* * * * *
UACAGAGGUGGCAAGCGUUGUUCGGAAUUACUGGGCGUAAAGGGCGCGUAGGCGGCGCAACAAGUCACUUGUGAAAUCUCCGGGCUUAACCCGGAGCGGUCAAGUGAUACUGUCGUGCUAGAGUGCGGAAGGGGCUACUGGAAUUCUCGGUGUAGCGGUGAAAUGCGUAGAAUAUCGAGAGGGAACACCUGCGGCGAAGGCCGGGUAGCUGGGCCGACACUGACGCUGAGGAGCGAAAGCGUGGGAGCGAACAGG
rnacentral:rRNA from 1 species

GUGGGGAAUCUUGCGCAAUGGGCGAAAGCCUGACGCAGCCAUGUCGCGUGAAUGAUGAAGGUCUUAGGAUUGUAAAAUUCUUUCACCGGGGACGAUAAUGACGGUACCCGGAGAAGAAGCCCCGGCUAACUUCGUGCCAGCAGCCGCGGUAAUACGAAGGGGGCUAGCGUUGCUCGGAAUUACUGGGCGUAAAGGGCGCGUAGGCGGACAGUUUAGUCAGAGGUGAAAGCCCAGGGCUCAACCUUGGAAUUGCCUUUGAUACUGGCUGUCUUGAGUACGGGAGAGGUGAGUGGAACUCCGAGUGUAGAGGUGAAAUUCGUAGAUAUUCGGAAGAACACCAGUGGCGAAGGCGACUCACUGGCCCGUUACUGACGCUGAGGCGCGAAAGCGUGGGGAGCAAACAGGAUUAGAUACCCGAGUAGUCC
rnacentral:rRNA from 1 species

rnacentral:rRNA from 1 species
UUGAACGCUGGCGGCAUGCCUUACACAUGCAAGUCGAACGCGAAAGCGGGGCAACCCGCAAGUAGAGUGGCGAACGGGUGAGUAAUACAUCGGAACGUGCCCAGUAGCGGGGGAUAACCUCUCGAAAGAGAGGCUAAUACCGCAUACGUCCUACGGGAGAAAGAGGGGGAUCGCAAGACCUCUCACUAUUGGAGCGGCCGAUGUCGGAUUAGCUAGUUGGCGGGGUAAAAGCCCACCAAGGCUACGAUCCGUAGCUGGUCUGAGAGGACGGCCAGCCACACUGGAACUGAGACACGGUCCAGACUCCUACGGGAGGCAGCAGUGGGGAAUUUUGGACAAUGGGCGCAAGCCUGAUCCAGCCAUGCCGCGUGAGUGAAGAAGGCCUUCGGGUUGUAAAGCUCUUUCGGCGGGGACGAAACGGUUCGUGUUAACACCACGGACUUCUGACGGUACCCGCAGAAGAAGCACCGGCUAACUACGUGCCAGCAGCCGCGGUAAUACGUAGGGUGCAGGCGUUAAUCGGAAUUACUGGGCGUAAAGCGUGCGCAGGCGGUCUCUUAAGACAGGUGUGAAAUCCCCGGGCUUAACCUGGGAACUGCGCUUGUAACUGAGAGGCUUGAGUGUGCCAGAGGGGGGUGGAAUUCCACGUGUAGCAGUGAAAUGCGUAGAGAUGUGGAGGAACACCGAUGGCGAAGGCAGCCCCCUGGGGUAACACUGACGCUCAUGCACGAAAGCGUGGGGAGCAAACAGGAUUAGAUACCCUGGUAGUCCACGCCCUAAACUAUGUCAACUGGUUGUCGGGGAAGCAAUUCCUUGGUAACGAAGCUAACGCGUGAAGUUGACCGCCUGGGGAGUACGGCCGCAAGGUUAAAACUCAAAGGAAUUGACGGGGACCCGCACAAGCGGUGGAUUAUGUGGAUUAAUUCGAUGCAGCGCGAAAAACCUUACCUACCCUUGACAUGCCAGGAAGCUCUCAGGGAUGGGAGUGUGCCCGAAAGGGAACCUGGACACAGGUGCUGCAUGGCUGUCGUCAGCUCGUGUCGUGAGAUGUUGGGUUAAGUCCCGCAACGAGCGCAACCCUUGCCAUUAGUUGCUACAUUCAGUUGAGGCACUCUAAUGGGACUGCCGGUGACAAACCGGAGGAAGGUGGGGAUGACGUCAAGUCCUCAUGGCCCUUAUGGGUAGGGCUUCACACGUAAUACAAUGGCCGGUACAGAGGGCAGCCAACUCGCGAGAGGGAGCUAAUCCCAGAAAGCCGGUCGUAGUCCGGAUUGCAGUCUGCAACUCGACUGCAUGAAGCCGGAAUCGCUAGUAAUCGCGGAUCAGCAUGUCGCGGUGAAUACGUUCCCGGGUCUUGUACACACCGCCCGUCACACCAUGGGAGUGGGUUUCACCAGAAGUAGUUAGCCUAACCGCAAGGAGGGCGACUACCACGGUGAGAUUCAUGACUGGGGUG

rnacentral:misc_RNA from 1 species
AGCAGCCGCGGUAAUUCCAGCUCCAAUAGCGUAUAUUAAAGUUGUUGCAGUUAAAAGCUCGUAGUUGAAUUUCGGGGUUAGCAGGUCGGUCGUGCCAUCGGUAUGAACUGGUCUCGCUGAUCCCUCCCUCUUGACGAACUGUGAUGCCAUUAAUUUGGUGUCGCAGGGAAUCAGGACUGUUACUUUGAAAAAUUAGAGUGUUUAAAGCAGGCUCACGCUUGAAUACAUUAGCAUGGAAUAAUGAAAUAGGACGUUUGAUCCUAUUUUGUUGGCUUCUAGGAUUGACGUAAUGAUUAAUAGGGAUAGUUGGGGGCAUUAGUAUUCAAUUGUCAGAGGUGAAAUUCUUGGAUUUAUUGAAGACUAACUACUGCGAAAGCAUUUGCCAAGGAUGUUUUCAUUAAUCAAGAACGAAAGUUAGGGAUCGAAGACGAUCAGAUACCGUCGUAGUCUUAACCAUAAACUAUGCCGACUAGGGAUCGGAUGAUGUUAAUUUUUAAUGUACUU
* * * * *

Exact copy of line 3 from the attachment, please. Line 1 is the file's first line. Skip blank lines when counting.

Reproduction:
GUGGGGAAUCUUGCGCAAUGGGCGAAAGCCUGACGCAGCCAUGUCGCGUGAAUGAUGAAGGUCUUAGGAUUGUAAAAUUCUUUCACCGGGGACGAUAAUGACGGUACCCGGAGAAGAAGCCCCGGCUAACUUCGUGCCAGCAGCCGCGGUAAUACGAAGGGGGCUAGCGUUGCUCGGAAUUACUGGGCGUAAAGGGCGCGUAGGCGGACAGUUUAGUCAGAGGUGAAAGCCCAGGGCUCAACCUUGGAAUUGCCUUUGAUACUGGCUGUCUUGAGUACGGGAGAGGUGAGUGGAACUCCGAGUGUAGAGGUGAAAUUCGUAGAUAUUCGGAAGAACACCAGUGGCGAAGGCGACUCACUGGCCCGUUACUGACGCUGAGGCGCGAAAGCGUGGGGAGCAAACAGGAUUAGAUACCCGAGUAGUCC